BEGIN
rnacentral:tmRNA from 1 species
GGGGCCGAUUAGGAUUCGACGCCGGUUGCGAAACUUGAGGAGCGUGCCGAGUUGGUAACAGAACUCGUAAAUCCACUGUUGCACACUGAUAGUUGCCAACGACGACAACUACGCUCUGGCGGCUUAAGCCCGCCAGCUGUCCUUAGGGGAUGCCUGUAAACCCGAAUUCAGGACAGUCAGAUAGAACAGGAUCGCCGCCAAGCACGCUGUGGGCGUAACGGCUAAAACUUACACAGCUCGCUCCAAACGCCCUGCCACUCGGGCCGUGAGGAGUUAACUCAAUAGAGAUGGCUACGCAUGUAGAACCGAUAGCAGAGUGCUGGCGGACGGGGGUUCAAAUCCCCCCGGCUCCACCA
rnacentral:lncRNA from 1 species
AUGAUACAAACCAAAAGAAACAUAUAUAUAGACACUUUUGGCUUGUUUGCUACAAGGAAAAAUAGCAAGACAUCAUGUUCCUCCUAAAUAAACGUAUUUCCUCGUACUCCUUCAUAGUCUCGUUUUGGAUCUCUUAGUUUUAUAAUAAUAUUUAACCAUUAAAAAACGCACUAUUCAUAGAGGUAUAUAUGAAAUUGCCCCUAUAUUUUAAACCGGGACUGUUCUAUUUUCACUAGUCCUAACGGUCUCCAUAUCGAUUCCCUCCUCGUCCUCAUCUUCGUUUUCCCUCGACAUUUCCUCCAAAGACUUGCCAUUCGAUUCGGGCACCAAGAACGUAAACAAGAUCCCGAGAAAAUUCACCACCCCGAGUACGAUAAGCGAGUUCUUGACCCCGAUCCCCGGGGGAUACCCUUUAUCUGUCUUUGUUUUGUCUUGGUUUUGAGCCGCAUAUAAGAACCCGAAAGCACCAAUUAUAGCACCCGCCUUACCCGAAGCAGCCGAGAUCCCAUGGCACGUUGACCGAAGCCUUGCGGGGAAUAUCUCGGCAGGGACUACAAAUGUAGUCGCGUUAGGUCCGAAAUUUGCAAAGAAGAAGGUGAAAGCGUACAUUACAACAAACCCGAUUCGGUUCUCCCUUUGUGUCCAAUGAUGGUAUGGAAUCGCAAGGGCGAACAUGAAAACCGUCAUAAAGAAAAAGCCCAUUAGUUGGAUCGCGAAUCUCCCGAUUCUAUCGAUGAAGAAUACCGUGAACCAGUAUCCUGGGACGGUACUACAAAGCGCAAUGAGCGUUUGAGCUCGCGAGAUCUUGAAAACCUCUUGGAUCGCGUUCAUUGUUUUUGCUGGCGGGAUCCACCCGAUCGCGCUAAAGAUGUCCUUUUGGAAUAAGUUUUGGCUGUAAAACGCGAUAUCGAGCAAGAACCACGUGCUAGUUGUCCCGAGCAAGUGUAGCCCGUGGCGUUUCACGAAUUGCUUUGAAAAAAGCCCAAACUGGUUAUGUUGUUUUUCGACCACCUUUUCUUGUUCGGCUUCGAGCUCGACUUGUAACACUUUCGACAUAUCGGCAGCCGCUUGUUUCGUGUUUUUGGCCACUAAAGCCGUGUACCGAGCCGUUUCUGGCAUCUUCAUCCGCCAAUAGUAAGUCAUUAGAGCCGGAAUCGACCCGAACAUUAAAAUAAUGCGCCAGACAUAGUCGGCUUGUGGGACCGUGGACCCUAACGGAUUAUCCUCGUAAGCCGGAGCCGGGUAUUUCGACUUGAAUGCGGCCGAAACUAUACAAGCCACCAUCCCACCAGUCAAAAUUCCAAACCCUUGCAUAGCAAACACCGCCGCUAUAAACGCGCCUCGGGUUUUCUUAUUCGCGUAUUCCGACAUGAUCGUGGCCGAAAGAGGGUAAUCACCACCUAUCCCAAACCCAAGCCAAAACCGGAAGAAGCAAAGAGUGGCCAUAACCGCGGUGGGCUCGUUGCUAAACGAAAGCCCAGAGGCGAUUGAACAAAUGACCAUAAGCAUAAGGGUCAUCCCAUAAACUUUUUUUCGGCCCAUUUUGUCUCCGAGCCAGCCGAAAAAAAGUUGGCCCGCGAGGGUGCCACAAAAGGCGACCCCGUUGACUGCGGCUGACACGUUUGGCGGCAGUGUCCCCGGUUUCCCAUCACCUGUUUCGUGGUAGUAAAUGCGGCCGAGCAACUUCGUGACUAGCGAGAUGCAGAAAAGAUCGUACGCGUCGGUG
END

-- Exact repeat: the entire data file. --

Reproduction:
rnacentral:tmRNA from 1 species
GGGGCCGAUUAGGAUUCGACGCCGGUUGCGAAACUUGAGGAGCGUGCCGAGUUGGUAACAGAACUCGUAAAUCCACUGUUGCACACUGAUAGUUGCCAACGACGACAACUACGCUCUGGCGGCUUAAGCCCGCCAGCUGUCCUUAGGGGAUGCCUGUAAACCCGAAUUCAGGACAGUCAGAUAGAACAGGAUCGCCGCCAAGCACGCUGUGGGCGUAACGGCUAAAACUUACACAGCUCGCUCCAAACGCCCUGCCACUCGGGCCGUGAGGAGUUAACUCAAUAGAGAUGGCUACGCAUGUAGAACCGAUAGCAGAGUGCUGGCGGACGGGGGUUCAAAUCCCCCCGGCUCCACCA
rnacentral:lncRNA from 1 species
AUGAUACAAACCAAAAGAAACAUAUAUAUAGACACUUUUGGCUUGUUUGCUACAAGGAAAAAUAGCAAGACAUCAUGUUCCUCCUAAAUAAACGUAUUUCCUCGUACUCCUUCAUAGUCUCGUUUUGGAUCUCUUAGUUUUAUAAUAAUAUUUAACCAUUAAAAAACGCACUAUUCAUAGAGGUAUAUAUGAAAUUGCCCCUAUAUUUUAAACCGGGACUGUUCUAUUUUCACUAGUCCUAACGGUCUCCAUAUCGAUUCCCUCCUCGUCCUCAUCUUCGUUUUCCCUCGACAUUUCCUCCAAAGACUUGCCAUUCGAUUCGGGCACCAAGAACGUAAACAAGAUCCCGAGAAAAUUCACCACCCCGAGUACGAUAAGCGAGUUCUUGACCCCGAUCCCCGGGGGAUACCCUUUAUCUGUCUUUGUUUUGUCUUGGUUUUGAGCCGCAUAUAAGAACCCGAAAGCACCAAUUAUAGCACCCGCCUUACCCGAAGCAGCCGAGAUCCCAUGGCACGUUGACCGAAGCCUUGCGGGGAAUAUCUCGGCAGGGACUACAAAUGUAGUCGCGUUAGGUCCGAAAUUUGCAAAGAAGAAGGUGAAAGCGUACAUUACAACAAACCCGAUUCGGUUCUCCCUUUGUGUCCAAUGAUGGUAUGGAAUCGCAAGGGCGAACAUGAAAACCGUCAUAAAGAAAAAGCCCAUUAGUUGGAUCGCGAAUCUCCCGAUUCUAUCGAUGAAGAAUACCGUGAACCAGUAUCCUGGGACGGUACUACAAAGCGCAAUGAGCGUUUGAGCUCGCGAGAUCUUGAAAACCUCUUGGAUCGCGUUCAUUGUUUUUGCUGGCGGGAUCCACCCGAUCGCGCUAAAGAUGUCCUUUUGGAAUAAGUUUUGGCUGUAAAACGCGAUAUCGAGCAAGAACCACGUGCUAGUUGUCCCGAGCAAGUGUAGCCCGUGGCGUUUCACGAAUUGCUUUGAAAAAAGCCCAAACUGGUUAUGUUGUUUUUCGACCACCUUUUCUUGUUCGGCUUCGAGCUCGACUUGUAACACUUUCGACAUAUCGGCAGCCGCUUGUUUCGUGUUUUUGGCCACUAAAGCCGUGUACCGAGCCGUUUCUGGCAUCUUCAUCCGCCAAUAGUAAGUCAUUAGAGCCGGAAUCGACCCGAACAUUAAAAUAAUGCGCCAGACAUAGUCGGCUUGUGGGACCGUGGACCCUAACGGAUUAUCCUCGUAAGCCGGAGCCGGGUAUUUCGACUUGAAUGCGGCCGAAACUAUACAAGCCACCAUCCCACCAGUCAAAAUUCCAAACCCUUGCAUAGCAAACACCGCCGCUAUAAACGCGCCUCGGGUUUUCUUAUUCGCGUAUUCCGACAUGAUCGUGGCCGAAAGAGGGUAAUCACCACCUAUCCCAAACCCAAGCCAAAACCGGAAGAAGCAAAGAGUGGCCAUAACCGCGGUGGGCUCGUUGCUAAACGAAAGCCCAGAGGCGAUUGAACAAAUGACCAUAAGCAUAAGGGUCAUCCCAUAAACUUUUUUUCGGCCCAUUUUGUCUCCGAGCCAGCCGAAAAAAAGUUGGCCCGCGAGGGUGCCACAAAAGGCGACCCCGUUGACUGCGGCUGACACGUUUGGCGGCAGUGUCCCCGGUUUCCCAUCACCUGUUUCGUGGUAGUAAAUGCGGCCGAGCAACUUCGUGACUAGCGAGAUGCAGAAAAGAUCGUACGCGUCGGUG